Although an attorney makes a case much easier for an accident victim, the victim can choose to handle the case without an attorney. The victim will need to know how to get a copy of the police report, order video surveillance footage, and file his or her own complaint.
Requesting a Copy of a Police Report
A police report is generated by the officer who came to the scene of the accident or the station where the accident was reported. It contains a summary of important information, such as:
- Identifying information for the drivers involved and witnesses
- Weather, lighting, and roadway conditions at the scene
- Points of damage on the vehicles involved
- Citations or violations of the law
A copy of the police report is helpful to insurance companies when doing their evaluation and helps hospitals determine the severity of injuries. It is also useful when drafting a complaint and enables a car accident lawyer to notify the right insurance company of a person’s injury or property damage claims.
To get the copy, an accident victim can go to the station that generated the report or visit the police agency’s website and provide accident details like the crash location and date, the names of the people involved, and the RD number.
Calling the agency and asking for confirmation of the report’s existence and how to go about getting a copy can also help. It usually takes a few days for the report to become available to the public.
Ordering Video Surveillance Footage
Camera footage can help determine essential elements of an accident that may not have been captured in the police report. An accident victim will first have to confirm if potential footage exists by contacting the person or entity controlling the potential footage. For example, he or she will have to contact the municipality if it is traffic camera footage that he or she is trying to obtain.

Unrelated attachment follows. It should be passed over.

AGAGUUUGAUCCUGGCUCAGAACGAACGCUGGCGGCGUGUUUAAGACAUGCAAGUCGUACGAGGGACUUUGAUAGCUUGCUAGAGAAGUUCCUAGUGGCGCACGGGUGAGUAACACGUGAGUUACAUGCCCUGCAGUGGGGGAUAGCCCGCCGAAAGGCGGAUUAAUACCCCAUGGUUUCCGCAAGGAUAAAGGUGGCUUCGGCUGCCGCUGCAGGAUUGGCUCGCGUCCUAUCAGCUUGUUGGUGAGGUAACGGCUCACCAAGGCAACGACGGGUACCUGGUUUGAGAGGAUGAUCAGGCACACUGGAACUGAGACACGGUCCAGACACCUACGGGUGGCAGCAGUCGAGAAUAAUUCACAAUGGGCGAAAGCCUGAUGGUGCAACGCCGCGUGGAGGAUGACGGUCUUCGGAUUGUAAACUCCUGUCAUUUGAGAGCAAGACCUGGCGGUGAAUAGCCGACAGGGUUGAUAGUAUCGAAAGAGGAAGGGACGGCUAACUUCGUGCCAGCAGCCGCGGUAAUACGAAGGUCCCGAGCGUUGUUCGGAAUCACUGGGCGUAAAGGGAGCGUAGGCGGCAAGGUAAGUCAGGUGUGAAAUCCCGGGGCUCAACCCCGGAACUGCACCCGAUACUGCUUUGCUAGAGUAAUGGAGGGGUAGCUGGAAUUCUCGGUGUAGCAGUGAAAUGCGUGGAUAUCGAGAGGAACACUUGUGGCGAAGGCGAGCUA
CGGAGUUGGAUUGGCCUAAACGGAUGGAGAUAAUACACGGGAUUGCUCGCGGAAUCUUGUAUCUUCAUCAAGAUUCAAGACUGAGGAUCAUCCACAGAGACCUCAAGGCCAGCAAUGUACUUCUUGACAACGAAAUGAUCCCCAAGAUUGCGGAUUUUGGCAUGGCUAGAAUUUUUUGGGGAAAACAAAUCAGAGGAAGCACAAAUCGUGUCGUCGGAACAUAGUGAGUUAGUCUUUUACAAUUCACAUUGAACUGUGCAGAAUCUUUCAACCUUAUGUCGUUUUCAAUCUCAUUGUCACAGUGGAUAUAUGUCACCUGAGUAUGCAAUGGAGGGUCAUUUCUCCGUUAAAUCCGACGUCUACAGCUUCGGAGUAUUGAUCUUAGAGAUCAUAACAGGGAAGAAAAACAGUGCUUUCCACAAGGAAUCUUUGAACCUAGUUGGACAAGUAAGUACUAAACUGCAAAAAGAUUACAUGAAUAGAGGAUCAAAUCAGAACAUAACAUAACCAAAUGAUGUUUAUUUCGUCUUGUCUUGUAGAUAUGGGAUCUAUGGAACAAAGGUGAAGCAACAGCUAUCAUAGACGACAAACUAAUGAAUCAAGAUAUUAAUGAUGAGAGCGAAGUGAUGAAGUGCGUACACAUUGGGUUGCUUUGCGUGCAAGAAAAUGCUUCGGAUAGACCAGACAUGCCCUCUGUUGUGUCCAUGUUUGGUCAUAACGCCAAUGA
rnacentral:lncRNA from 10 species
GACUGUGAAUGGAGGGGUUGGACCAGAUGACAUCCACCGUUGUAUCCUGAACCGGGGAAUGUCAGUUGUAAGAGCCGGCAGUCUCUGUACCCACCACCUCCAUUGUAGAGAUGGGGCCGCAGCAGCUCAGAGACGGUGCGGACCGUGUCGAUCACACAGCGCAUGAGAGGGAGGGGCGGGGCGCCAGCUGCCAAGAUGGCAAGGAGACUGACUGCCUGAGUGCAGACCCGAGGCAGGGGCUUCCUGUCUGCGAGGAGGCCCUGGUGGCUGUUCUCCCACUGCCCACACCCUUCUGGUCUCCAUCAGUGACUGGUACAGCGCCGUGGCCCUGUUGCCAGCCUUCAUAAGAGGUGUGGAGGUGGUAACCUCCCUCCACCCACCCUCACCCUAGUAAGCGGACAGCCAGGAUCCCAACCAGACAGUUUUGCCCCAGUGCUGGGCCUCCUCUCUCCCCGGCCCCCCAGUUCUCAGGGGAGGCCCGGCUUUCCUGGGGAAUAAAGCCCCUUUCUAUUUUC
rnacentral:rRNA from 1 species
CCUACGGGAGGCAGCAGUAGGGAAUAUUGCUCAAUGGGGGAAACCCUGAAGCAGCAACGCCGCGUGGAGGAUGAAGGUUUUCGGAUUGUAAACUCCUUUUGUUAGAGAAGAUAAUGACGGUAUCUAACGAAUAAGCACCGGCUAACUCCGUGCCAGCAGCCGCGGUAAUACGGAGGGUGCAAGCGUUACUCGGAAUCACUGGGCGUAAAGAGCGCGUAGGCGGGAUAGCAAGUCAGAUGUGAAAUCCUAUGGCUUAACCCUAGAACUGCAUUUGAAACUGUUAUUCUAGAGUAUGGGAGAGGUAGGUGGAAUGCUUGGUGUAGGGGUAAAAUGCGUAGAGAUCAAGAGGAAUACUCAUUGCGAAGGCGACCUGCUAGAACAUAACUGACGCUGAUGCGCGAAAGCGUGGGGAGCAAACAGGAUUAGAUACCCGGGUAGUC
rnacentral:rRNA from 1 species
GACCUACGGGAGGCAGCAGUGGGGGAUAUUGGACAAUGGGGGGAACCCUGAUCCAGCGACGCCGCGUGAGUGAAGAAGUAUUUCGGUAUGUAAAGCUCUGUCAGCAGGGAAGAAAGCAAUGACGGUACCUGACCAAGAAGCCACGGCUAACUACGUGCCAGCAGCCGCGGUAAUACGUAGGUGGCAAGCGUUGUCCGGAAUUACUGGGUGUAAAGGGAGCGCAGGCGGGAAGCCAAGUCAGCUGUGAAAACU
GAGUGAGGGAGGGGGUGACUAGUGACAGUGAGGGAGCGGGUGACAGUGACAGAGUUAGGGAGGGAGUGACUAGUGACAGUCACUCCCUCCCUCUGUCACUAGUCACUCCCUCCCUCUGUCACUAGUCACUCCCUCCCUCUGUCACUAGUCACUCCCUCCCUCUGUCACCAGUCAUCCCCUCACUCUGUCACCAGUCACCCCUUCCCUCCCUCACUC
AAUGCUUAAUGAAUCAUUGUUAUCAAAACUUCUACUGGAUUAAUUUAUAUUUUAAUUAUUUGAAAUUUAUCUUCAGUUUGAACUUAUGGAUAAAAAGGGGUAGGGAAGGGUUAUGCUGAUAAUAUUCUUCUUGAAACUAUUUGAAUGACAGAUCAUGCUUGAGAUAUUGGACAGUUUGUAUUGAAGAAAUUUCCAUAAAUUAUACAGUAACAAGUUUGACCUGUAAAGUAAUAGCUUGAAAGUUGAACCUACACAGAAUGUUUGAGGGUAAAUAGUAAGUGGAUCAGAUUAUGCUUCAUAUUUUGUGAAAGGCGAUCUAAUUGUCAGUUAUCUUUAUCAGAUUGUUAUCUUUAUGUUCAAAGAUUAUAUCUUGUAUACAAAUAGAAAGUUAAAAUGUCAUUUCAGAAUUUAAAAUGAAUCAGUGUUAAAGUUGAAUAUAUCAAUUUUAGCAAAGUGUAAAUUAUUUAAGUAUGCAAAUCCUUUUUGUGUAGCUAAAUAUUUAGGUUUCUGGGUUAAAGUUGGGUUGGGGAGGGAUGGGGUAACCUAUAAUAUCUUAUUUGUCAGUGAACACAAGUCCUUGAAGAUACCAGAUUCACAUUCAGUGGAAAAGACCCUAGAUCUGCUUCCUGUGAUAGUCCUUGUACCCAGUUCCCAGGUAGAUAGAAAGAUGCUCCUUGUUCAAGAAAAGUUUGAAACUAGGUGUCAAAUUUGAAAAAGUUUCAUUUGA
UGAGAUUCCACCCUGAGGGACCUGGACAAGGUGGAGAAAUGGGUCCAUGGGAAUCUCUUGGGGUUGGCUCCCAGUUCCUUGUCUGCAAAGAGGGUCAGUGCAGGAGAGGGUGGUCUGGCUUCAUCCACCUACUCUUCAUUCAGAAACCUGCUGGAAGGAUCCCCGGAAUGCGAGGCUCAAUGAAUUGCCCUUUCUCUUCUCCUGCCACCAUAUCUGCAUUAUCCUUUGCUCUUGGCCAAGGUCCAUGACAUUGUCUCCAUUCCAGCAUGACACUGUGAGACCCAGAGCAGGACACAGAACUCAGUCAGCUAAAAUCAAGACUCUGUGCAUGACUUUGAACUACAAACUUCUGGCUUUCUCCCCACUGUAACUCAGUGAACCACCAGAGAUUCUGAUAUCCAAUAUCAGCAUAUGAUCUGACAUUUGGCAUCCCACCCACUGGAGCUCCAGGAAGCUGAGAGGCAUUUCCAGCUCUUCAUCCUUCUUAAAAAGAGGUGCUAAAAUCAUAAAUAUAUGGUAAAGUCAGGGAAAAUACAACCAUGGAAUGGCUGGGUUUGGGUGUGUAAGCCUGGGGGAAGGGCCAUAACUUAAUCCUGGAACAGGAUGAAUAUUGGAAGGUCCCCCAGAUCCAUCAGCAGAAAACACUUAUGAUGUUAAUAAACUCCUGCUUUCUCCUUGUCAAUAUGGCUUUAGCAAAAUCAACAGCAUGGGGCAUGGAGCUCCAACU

After confirming the footage exists, the person will have to write a Spoliation Letter asking for the footage to be saved and preserved for the litigation process. The letter should be sent by certified mail for proof of receipt. The victim should contact the person or organization and confirm if the Spoliation Letter was received.
In some cases, a fee or subpoena may be required for the release of the footage.
Filing One’s Own Complaint
If negotiations with an insurance company fall apart or the statute of limitations on a claim is fast approaching, what should follow is filing a complaint and beginning the litigation process. In Illinois, complaints are filed electronically. People can start the electronic filing process by visiting the county website.
Time limits exist for filing complaints. In Illinois, complaints for personal injuries have to be filed within two years of the accident date. However, if the at-fault party is a township, city, or state, then the complaint has to be filed within one year.
To file a complaint, one must know the name of the at-fault party (the defendant), which is usually contained in the police report. The complaint has to be filed with a summons and civil action cover sheet.
An accident victim may find navigating a case without an attorney extremely complicated. He or she can contact the local county clerk or an experienced car accident lawyer for assistance. Accident lawyers usually offer free initial consultations.